I know you’ve been there.
You presented a workshop where participants were actively engaged and sharing – so much so that when it was time to close the session, you sensed an overwhelm of unchecked emotions in the room.
Can you relate?
I’ve been there, too. You can’t expect participants to simply exit the room and resume their day, as if nothing happened after discussing sensitive and upsetting topics.
So, effectively plan the last 10 or 15 minutes of your session – allow people time to gather their emotions and feelings so that they can move forward.
Moving them forward moves them towards deeper introspection and a sense of closure.
The Ending Is As Important As The Beginning
Even after a session is winding down, people can re-trigger themselves. They need to have time to breathe, to collect themselves, before merging back into their day.
That’s why planning the last portion of a workshop is so important. That’s when I utilize SAGA, a model I first learned from staff at Ohio State University:
Share – Analyze – Generalize – Apply
It’s a skill set I use to debrief activities.
I ask everyone to write down how they’re feeling. There’s great power in putting your thoughts on paper – you’re getting your thoughts out of yourself, then you can observe yourself.
After they’ve written their thoughts down, I ask them to turn to a partner and share how they’re feeling and the impact of this powerful conversation.
By reflecting on the conversation, it gets them separated a little from the re-triggered emotions. After writing and sharing, I tell them to take a few deep breaths and then ask “What’s been the impact of all this?”
Now, the entire group can reflect, and there is great healing in that.
Moving Forward After Emotional Triggers
Envisioning is a way to move forward after being emotionally triggered.
When you’ve completed a particularly challenging conversation, where much was shared and emotions exposed, asking participants to envision what kind of world they would like to see is an important healing tool.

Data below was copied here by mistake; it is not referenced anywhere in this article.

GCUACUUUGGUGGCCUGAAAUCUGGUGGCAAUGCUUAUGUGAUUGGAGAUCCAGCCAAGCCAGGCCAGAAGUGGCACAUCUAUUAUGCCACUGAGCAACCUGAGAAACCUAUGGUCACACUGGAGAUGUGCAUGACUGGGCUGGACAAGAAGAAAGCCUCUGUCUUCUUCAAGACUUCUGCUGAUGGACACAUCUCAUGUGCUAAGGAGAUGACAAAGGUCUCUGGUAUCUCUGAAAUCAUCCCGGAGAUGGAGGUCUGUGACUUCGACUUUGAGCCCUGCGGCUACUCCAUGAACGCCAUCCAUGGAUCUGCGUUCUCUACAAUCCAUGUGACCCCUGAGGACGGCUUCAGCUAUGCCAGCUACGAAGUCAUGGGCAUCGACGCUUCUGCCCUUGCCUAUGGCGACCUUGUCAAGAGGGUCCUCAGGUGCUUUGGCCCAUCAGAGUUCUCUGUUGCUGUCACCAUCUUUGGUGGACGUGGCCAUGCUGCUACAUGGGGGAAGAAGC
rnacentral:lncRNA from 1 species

As an example, a trainer was presenting Holocaust education support for educators. As she was concluding her session, she sensed the group was overwhelmed with emotion…understandably so. After exposure to dialogue on such horrific genocide, I would ask the group to write out:
- What kind of world would they like to see?
- What is their wish, their vision, for the future?
- What do they never want to see or experience again?
I like to use brightly colored card paper for participants to write down their wishes. After they write their hopes down, trade them around the room, ask people to read five or ten aloud. It’s a different way for people to envision and energetically it may shift – and lift – people’s emotions.
You need to provide an ending to a session, to have conversations about impact, insights, and where to go from here. Without that, it leaves people’s emotions open and exposed – and that can have unexpected, possibly painful results.
I know. I experienced it. And it took a while to recover.
When You Share Words, You Share Energy Too
When you are presenting a potentially emotional session, such as sexual assault or racism, it is helpful to let the participants know at the start that the last half hour or so of the workshop will be for sharing the lessons learned and how to bring them into their work environment.
I heard the phrase “Even though we’re just sharing words, we’re also sharing the energy behind the words, and that can really be unsettling.”
Words – and how they’re said – have such deep impact on us.
Check The Emotional Barometer
Near the end of the session, ask the group:
What’s the intensity of your emotions right now?
Ask folks to close their eyes and say a number out loud.
If you’re hearing high numbers, do stress releasing activities, such as breathing or stretching, or asking them to visualize the world they want to create, or how groups could come together to create a better world.
When folks find themselves in an emotionally charged situation, make suggestions such as:
- Take slow, deep breaths
- Drink water before you speak
- Write down a response before you say anything
- Don’t hit ‘send’ on an email immediately
- Take a short time out before responding
These are simple, important ways to allow yourself that ‘space’ needed. As a result, you don’t just react – you thoughtfully respond.
“With awareness there comes choice. And so you are able to say: ‘I allow this moment to be as it is’. And then, suddenly, where before there was irritation, there is now a sense of aliveness and peace. And out of that comes right action.”
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